The Indirect Cost of Fraud to Banks
Retail banks in Asia Pacific should be worried if they have read the recent survey results of card fraud conducted by Aite Group & ACI Worldwide. A few warning signs emerged from over 1,800 respondents surveyed across 6 countries in the APAC region.
Card fraud incidences have grown for all countries with the exception of Australia where it has been stable as compared to 2012. China and India occupied the 2nd and 3rd spots, respectively, in terms of highest overall card fraud with 2 in 5 customers witnessing fraud in the past 5 years. These 2 countries also experienced the highest debit card fraud globally; and 4 out of the top 5 countries with the highest prepaid card fraud rate were Asian.
Apart from the direct fraud losses to banks, which in some countries like India have been made responsible by the central bank to prove that the customer has acted fraudulently, there is a much bigger indirect cost of reduced business to the banks that is emerging from the results. Many consumers used replacement cards less frequently—from 33% in Australia to a high of 72% in both India and Indonesia. The higher numbers as compared to their counterparts in the western world resonate with the perception that Asians in general tend to associate risk outward. Attrition is also high - between 44% and 58% - for China, India and Indonesia. This demonstrates a lack of confidence in the financial institution's ability to ensure that the inconvenience associated with a fraud experience is not repeated in the future.
Considering the impact of attrition as a result of fraud in countries like Indonesia and India, I estimate as much as 2% to 4% reduction in the most valuable customers (after factoring for Pareto's rule). Adding to this, the lost opportunity due to reduced share of wallet and you could be easily looking at several million dollars of lost opportunity. So what can be done?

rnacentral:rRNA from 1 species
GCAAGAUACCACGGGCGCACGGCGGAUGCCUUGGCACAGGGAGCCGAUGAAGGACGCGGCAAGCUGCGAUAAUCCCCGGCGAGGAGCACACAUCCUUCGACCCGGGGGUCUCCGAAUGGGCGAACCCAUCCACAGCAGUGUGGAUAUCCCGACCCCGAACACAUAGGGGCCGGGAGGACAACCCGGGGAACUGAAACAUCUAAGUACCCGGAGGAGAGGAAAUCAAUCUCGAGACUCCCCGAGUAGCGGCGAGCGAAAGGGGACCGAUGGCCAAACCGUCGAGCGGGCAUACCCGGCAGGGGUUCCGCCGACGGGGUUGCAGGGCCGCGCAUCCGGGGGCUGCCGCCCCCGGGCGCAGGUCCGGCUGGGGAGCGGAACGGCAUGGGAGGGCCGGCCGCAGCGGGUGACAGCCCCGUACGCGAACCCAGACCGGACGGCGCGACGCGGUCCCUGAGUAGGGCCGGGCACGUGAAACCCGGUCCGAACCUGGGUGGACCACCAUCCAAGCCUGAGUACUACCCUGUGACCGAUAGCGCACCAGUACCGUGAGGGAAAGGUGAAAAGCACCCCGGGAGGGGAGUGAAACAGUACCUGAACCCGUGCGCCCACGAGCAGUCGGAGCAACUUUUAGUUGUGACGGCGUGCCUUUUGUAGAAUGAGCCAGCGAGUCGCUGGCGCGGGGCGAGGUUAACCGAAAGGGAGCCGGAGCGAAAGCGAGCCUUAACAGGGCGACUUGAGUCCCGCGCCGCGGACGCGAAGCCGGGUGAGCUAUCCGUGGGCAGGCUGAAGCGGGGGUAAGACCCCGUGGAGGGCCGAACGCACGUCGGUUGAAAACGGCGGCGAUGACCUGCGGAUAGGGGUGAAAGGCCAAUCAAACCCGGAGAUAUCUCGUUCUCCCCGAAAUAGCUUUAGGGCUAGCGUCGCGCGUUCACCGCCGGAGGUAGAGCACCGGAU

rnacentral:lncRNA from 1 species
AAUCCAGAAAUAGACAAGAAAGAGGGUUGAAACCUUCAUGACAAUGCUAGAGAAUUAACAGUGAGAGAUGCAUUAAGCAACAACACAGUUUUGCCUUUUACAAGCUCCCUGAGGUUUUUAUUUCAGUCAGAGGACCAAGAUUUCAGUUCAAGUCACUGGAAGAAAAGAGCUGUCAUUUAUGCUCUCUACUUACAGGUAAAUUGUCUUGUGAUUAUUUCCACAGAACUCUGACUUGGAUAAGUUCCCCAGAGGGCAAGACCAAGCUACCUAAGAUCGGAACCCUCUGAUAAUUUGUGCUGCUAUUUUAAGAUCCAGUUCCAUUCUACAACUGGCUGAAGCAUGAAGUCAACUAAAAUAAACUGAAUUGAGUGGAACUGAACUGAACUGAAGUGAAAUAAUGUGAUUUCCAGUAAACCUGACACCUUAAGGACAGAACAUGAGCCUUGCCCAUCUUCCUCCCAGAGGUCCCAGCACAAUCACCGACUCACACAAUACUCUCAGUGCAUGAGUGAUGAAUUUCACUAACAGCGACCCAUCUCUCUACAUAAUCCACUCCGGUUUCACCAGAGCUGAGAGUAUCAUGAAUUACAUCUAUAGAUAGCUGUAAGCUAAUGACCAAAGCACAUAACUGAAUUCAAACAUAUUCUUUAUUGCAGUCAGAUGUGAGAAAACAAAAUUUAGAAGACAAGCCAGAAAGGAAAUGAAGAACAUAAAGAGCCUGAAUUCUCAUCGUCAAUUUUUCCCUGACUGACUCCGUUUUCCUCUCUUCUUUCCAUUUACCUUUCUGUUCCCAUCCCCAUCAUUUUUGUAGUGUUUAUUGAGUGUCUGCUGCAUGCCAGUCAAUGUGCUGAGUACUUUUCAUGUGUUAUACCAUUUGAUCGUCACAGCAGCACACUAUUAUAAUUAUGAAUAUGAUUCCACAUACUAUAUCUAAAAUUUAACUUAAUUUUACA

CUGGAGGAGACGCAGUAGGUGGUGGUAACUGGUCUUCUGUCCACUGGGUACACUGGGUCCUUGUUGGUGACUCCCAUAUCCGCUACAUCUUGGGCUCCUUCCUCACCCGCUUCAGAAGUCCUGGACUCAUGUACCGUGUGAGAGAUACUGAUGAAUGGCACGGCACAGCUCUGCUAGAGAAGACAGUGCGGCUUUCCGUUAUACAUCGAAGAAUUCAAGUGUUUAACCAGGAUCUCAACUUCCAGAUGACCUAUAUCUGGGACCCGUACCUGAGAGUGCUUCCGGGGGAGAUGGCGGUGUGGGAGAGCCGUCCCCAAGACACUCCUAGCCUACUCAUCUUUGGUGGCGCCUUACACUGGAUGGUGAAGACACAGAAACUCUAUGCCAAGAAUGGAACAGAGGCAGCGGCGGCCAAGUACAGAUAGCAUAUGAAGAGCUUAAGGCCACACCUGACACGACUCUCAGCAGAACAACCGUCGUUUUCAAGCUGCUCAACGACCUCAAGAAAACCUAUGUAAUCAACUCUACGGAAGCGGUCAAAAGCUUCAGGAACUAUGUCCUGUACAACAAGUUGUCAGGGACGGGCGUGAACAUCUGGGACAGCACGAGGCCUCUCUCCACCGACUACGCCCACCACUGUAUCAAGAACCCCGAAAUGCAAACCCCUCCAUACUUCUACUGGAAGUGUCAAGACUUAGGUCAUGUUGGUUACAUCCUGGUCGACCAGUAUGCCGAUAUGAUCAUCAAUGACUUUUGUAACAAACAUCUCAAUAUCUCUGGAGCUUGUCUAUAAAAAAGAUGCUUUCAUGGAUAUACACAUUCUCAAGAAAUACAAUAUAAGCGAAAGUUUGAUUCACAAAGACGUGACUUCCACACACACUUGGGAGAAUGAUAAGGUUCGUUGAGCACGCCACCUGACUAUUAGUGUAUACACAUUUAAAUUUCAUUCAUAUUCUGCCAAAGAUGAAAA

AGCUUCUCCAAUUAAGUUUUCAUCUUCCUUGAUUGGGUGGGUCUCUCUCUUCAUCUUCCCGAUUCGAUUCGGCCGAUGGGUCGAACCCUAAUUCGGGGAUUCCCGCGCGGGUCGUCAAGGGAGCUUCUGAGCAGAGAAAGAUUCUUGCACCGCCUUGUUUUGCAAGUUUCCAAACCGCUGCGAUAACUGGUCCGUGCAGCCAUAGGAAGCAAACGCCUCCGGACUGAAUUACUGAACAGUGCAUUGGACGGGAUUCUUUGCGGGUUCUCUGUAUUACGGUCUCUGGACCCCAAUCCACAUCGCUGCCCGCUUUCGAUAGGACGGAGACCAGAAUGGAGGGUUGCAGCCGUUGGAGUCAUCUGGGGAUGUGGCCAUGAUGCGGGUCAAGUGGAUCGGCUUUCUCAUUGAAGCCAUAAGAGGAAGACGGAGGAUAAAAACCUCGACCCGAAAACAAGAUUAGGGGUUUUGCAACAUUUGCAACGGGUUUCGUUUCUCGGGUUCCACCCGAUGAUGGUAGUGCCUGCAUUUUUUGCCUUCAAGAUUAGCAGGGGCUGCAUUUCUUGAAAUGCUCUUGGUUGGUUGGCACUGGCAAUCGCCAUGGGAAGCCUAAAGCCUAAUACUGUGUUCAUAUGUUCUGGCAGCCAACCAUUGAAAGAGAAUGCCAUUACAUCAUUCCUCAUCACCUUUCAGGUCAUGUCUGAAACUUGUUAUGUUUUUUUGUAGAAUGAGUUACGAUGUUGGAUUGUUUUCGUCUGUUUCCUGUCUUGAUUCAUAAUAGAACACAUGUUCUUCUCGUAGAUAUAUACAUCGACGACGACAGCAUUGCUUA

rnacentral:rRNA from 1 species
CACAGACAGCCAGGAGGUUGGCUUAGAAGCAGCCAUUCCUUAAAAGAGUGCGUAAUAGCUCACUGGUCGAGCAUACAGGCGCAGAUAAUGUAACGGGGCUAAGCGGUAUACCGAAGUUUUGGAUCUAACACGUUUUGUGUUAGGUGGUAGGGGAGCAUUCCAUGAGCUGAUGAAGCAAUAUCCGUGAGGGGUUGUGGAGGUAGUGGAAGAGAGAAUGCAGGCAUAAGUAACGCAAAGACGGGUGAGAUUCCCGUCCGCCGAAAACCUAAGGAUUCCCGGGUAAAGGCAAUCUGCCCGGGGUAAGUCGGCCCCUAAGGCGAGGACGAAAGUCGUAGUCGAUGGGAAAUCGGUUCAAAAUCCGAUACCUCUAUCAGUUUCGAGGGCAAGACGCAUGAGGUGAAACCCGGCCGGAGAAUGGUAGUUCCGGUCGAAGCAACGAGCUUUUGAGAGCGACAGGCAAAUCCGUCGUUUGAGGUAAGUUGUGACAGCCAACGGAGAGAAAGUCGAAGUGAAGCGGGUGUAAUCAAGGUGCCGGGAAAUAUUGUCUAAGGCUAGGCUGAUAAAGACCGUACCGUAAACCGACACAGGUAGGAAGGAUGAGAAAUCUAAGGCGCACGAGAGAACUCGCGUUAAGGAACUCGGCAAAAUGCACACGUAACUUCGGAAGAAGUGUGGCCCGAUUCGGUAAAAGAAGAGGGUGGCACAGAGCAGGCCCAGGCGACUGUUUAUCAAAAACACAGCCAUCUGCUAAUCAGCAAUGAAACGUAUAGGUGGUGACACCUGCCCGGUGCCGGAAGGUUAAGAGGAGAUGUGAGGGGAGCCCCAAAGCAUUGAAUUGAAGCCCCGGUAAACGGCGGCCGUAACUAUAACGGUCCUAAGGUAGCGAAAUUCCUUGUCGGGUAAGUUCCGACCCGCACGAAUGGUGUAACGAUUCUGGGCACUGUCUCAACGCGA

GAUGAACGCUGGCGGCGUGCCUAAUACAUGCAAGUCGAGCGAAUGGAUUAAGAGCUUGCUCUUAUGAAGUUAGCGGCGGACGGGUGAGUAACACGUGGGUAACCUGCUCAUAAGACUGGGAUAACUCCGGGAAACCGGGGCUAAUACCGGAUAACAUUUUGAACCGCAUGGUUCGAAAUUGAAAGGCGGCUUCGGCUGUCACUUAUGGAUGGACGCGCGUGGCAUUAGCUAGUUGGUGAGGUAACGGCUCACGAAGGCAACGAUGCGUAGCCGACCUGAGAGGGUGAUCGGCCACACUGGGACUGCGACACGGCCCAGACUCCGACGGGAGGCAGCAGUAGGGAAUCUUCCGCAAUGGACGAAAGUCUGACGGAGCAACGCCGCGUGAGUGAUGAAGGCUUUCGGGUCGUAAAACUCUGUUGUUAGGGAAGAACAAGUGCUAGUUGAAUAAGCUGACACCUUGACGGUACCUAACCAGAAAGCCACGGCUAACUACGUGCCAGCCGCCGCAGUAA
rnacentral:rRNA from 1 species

Thankfully, the survey also explored another dimension - the extent of risky behavior demonstrated by consumers. In each of these countries, except New Zealand, risky behavior and experiencing fraud clearly correlate. Using a quick Chi Squared test, it is easily proven that those who did not engage in risky behavior (like writing the PIN on a piece of paper, or responding to a phishing email) experienced statistically significant lower incidence of fraud. For instance in India, the probability of experiencing fraud was lowered by 30% if consumers did not engage in such behavior.
And hence the significance of the recommendations at the end of the survey, of which I would stress on two - customer education through specific examples and better communication. Consumers have always indicated that they are very keen to participate in the fight against fraud and what better medium to communicate and stay in touch with customers than the two-way interactive messaging technology via the ubiquitous mobile phones!
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